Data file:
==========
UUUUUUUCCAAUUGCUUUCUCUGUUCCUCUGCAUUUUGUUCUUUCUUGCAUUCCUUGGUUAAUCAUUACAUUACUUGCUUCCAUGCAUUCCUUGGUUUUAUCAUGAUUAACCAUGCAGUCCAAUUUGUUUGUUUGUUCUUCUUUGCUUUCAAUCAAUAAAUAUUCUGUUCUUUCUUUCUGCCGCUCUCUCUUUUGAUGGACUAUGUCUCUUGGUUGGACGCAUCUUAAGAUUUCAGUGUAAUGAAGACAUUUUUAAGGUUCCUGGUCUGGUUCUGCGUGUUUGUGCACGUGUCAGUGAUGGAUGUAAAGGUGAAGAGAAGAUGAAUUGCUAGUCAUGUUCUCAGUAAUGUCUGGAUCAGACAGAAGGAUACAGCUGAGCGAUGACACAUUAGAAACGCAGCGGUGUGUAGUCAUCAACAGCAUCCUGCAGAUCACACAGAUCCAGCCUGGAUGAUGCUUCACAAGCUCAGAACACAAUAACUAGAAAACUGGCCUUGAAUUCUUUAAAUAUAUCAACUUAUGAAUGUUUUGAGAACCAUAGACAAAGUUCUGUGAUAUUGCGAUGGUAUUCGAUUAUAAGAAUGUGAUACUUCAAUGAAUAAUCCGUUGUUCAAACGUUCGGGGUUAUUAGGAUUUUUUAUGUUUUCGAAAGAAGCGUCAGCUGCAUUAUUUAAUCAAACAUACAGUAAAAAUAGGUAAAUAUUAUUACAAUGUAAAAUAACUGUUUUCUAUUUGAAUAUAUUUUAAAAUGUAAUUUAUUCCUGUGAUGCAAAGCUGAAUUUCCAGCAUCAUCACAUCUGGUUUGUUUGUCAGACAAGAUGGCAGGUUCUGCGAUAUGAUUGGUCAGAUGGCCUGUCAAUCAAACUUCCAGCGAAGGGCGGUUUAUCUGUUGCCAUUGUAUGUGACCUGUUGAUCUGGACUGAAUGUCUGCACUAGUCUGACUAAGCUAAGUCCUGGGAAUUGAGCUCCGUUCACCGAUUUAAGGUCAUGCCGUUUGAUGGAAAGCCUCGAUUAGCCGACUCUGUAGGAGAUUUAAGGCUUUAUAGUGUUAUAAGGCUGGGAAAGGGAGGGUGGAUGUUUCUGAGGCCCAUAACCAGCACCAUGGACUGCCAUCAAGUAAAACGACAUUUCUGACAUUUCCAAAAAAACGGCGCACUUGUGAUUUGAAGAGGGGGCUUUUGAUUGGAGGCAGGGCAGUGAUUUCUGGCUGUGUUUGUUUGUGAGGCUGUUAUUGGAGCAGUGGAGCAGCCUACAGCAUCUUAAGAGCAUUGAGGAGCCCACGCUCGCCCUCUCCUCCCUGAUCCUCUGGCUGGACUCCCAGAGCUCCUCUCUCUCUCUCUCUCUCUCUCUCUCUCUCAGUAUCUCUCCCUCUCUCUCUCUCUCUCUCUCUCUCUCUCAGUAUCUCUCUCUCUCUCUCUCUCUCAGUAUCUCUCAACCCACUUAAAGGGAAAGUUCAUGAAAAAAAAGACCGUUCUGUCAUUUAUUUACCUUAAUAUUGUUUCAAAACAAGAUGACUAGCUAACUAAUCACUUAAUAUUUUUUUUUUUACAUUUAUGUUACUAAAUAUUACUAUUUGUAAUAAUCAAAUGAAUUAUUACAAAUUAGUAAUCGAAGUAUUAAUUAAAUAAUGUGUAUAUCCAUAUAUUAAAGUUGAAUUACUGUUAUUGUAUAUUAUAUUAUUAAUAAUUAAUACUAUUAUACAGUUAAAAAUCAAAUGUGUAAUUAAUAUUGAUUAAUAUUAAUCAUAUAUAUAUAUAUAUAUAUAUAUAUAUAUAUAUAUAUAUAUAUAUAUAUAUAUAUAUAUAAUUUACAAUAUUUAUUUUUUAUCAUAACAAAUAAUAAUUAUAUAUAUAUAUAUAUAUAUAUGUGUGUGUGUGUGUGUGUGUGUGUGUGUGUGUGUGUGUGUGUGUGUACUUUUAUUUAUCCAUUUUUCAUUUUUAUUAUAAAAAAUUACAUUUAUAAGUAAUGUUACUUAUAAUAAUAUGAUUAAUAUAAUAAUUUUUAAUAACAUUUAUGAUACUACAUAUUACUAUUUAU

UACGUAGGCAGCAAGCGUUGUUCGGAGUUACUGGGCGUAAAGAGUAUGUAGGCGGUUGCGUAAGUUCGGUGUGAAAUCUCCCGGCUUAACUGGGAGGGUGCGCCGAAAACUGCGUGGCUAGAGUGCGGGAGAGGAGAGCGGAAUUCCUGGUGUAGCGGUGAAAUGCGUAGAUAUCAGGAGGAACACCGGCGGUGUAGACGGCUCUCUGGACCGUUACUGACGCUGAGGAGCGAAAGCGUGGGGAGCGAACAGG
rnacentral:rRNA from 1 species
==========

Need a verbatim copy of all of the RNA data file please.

UUUUUUUCCAAUUGCUUUCUCUGUUCCUCUGCAUUUUGUUCUUUCUUGCAUUCCUUGGUUAAUCAUUACAUUACUUGCUUCCAUGCAUUCCUUGGUUUUAUCAUGAUUAACCAUGCAGUCCAAUUUGUUUGUUUGUUCUUCUUUGCUUUCAAUCAAUAAAUAUUCUGUUCUUUCUUUCUGCCGCUCUCUCUUUUGAUGGACUAUGUCUCUUGGUUGGACGCAUCUUAAGAUUUCAGUGUAAUGAAGACAUUUUUAAGGUUCCUGGUCUGGUUCUGCGUGUUUGUGCACGUGUCAGUGAUGGAUGUAAAGGUGAAGAGAAGAUGAAUUGCUAGUCAUGUUCUCAGUAAUGUCUGGAUCAGACAGAAGGAUACAGCUGAGCGAUGACACAUUAGAAACGCAGCGGUGUGUAGUCAUCAACAGCAUCCUGCAGAUCACACAGAUCCAGCCUGGAUGAUGCUUCACAAGCUCAGAACACAAUAACUAGAAAACUGGCCUUGAAUUCUUUAAAUAUAUCAACUUAUGAAUGUUUUGAGAACCAUAGACAAAGUUCUGUGAUAUUGCGAUGGUAUUCGAUUAUAAGAAUGUGAUACUUCAAUGAAUAAUCCGUUGUUCAAACGUUCGGGGUUAUUAGGAUUUUUUAUGUUUUCGAAAGAAGCGUCAGCUGCAUUAUUUAAUCAAACAUACAGUAAAAAUAGGUAAAUAUUAUUACAAUGUAAAAUAACUGUUUUCUAUUUGAAUAUAUUUUAAAAUGUAAUUUAUUCCUGUGAUGCAAAGCUGAAUUUCCAGCAUCAUCACAUCUGGUUUGUUUGUCAGACAAGAUGGCAGGUUCUGCGAUAUGAUUGGUCAGAUGGCCUGUCAAUCAAACUUCCAGCGAAGGGCGGUUUAUCUGUUGCCAUUGUAUGUGACCUGUUGAUCUGGACUGAAUGUCUGCACUAGUCUGACUAAGCUAAGUCCUGGGAAUUGAGCUCCGUUCACCGAUUUAAGGUCAUGCCGUUUGAUGGAAAGCCUCGAUUAGCCGACUCUGUAGGAGAUUUAAGGCUUUAUAGUGUUAUAAGGCUGGGAAAGGGAGGGUGGAUGUUUCUGAGGCCCAUAACCAGCACCAUGGACUGCCAUCAAGUAAAACGACAUUUCUGACAUUUCCAAAAAAACGGCGCACUUGUGAUUUGAAGAGGGGGCUUUUGAUUGGAGGCAGGGCAGUGAUUUCUGGCUGUGUUUGUUUGUGAGGCUGUUAUUGGAGCAGUGGAGCAGCCUACAGCAUCUUAAGAGCAUUGAGGAGCCCACGCUCGCCCUCUCCUCCCUGAUCCUCUGGCUGGACUCCCAGAGCUCCUCUCUCUCUCUCUCUCUCUCUCUCUCUCUCAGUAUCUCUCCCUCUCUCUCUCUCUCUCUCUCUCUCUCUCAGUAUCUCUCUCUCUCUCUCUCUCUCAGUAUCUCUCAACCCACUUAAAGGGAAAGUUCAUGAAAAAAAAGACCGUUCUGUCAUUUAUUUACCUUAAUAUUGUUUCAAAACAAGAUGACUAGCUAACUAAUCACUUAAUAUUUUUUUUUUUACAUUUAUGUUACUAAAUAUUACUAUUUGUAAUAAUCAAAUGAAUUAUUACAAAUUAGUAAUCGAAGUAUUAAUUAAAUAAUGUGUAUAUCCAUAUAUUAAAGUUGAAUUACUGUUAUUGUAUAUUAUAUUAUUAAUAAUUAAUACUAUUAUACAGUUAAAAAUCAAAUGUGUAAUUAAUAUUGAUUAAUAUUAAUCAUAUAUAUAUAUAUAUAUAUAUAUAUAUAUAUAUAUAUAUAUAUAUAUAUAUAUAUAUAUAAUUUACAAUAUUUAUUUUUUAUCAUAACAAAUAAUAAUUAUAUAUAUAUAUAUAUAUAUAUGUGUGUGUGUGUGUGUGUGUGUGUGUGUGUGUGUGUGUGUGUGUGUACUUUUAUUUAUCCAUUUUUCAUUUUUAUUAUAAAAAAUUACAUUUAUAAGUAAUGUUACUUAUAAUAAUAUGAUUAAUAUAAUAAUUUUUAAUAACAUUUAUGAUACUACAUAUUACUAUUUAU

UACGUAGGCAGCAAGCGUUGUUCGGAGUUACUGGGCGUAAAGAGUAUGUAGGCGGUUGCGUAAGUUCGGUGUGAAAUCUCCCGGCUUAACUGGGAGGGUGCGCCGAAAACUGCGUGGCUAGAGUGCGGGAGAGGAGAGCGGAAUUCCUGGUGUAGCGGUGAAAUGCGUAGAUAUCAGGAGGAACACCGGCGGUGUAGACGGCUCUCUGGACCGUUACUGACGCUGAGGAGCGAAAGCGUGGGGAGCGAACAGG
rnacentral:rRNA from 1 species